Minimalism…and the Lessons of Aasgard
by Andy Dappen
I’m jealous. Watching the many trail runners passing my wife and me in the Enchantment Lakes Basin, I envy their tiny loads and their ease of travel. Being a trail runner before the age of knee problems, I remember the joy of traveling fast and far with a ridiculously small pack.
Speed and movement are weather-beating and warmth- generating strategies for such runners, and these are not groundless strategies. By moving fast, you can often beat changing weather conditions back to the trailhead. And though you’re clad in thin layers and might only carry a windshell, hat, and gloves for added warmth, movement can keep you comfortably warm. So for many runners the ingredients to keep moving (food and water) constitute most of their load.
The strategy can fail, however, when situations go south on you. A misstep on a cobble that sprains an ankle, a stubbed toe tossing you head first into a boulder, a slip on a sandy slab spilling you onto the edge of flesh-slashing rock… in the interval between strides such incidences can transform you from a speed machine to a wreck on the side of the road.
I’ve fallen several times on long runs and have narrowly missed being bludgeoned, sliced, or impaled by obstacles. I know from firsthand experience that runners need contingencies in their load for the ‘what ifs.’ What if a slip hurts you or your partner? What if you get temporarily lost and benighted? What if a new health issue of your own or an unknown health issue of a companion stops you? Are you carrying enough to survive?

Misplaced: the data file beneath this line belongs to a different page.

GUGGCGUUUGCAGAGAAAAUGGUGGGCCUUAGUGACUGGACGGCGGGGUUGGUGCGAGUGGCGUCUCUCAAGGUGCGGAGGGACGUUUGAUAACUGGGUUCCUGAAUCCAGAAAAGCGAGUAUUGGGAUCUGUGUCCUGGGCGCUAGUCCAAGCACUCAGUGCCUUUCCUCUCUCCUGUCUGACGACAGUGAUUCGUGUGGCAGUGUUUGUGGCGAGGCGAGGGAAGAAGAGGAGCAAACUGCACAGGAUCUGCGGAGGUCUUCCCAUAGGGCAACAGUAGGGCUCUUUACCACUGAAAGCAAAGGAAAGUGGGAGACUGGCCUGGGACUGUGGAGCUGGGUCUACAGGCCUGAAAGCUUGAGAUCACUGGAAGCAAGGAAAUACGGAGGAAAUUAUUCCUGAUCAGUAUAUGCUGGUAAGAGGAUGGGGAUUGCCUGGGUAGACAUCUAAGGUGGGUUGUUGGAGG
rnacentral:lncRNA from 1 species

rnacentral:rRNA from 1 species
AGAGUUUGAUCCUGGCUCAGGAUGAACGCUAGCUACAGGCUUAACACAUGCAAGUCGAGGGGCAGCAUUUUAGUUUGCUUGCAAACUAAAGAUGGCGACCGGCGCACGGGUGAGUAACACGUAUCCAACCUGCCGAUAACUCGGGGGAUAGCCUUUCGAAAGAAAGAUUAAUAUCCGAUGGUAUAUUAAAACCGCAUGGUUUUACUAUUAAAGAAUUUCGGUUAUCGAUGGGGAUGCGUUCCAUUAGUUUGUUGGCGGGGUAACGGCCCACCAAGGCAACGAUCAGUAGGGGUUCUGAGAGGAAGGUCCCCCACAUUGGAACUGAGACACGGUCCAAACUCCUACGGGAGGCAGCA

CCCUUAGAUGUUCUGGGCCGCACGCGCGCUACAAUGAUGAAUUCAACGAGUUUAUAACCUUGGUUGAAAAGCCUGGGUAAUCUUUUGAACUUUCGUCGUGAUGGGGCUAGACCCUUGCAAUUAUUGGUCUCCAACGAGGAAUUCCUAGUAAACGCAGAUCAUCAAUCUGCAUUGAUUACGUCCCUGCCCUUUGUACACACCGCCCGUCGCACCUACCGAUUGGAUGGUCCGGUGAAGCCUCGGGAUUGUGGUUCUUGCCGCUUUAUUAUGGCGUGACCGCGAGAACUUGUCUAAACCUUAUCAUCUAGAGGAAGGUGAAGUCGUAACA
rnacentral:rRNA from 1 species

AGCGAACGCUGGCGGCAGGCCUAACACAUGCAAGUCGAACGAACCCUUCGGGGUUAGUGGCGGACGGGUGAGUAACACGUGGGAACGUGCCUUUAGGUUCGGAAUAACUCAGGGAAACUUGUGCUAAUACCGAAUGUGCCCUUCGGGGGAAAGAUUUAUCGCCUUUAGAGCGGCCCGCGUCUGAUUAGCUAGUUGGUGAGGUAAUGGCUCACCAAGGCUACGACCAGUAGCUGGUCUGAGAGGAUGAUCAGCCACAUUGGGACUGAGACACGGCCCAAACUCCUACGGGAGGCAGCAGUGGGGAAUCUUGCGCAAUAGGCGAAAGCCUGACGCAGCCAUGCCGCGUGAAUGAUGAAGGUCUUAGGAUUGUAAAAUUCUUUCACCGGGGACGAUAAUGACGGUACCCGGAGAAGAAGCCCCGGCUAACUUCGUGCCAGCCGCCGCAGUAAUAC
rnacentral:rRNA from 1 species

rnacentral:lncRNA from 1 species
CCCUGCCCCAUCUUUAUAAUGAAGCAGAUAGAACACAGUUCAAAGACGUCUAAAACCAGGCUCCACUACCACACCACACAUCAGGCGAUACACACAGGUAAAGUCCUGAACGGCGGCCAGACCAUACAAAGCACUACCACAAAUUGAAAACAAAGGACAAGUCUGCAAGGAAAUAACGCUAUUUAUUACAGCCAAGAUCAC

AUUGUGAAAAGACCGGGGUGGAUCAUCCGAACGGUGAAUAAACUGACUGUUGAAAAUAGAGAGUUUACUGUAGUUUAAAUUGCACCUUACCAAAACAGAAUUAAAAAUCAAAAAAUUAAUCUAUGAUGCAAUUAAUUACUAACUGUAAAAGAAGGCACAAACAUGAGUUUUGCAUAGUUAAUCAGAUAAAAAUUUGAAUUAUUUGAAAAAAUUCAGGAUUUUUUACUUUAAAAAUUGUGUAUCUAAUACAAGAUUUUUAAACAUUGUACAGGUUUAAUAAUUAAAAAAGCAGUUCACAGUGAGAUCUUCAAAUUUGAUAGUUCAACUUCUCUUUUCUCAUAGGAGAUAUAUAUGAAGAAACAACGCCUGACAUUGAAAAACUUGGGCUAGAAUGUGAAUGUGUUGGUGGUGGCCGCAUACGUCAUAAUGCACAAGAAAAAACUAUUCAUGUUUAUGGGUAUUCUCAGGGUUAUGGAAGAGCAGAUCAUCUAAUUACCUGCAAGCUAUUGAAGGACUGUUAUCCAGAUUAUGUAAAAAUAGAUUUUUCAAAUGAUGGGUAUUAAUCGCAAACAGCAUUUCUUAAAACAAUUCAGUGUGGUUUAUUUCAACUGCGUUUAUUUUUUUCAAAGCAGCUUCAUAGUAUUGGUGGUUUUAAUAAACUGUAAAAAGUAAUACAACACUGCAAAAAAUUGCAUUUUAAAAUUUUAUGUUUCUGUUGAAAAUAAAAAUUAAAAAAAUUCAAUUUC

Still, I’m still jealous watching the unencumbered runners stream by, and I find myself believing I’m carrying more than a hiker should. I mentally review my pack and make a list of what I should have left behind. When I’m done, my mental pile consists of my down coat, rain pants, extra socks, one of two hats I carry, some of my food and water, and a number of the repair items in my ditty bag. My slimmed down pack might be half the size of my current pack.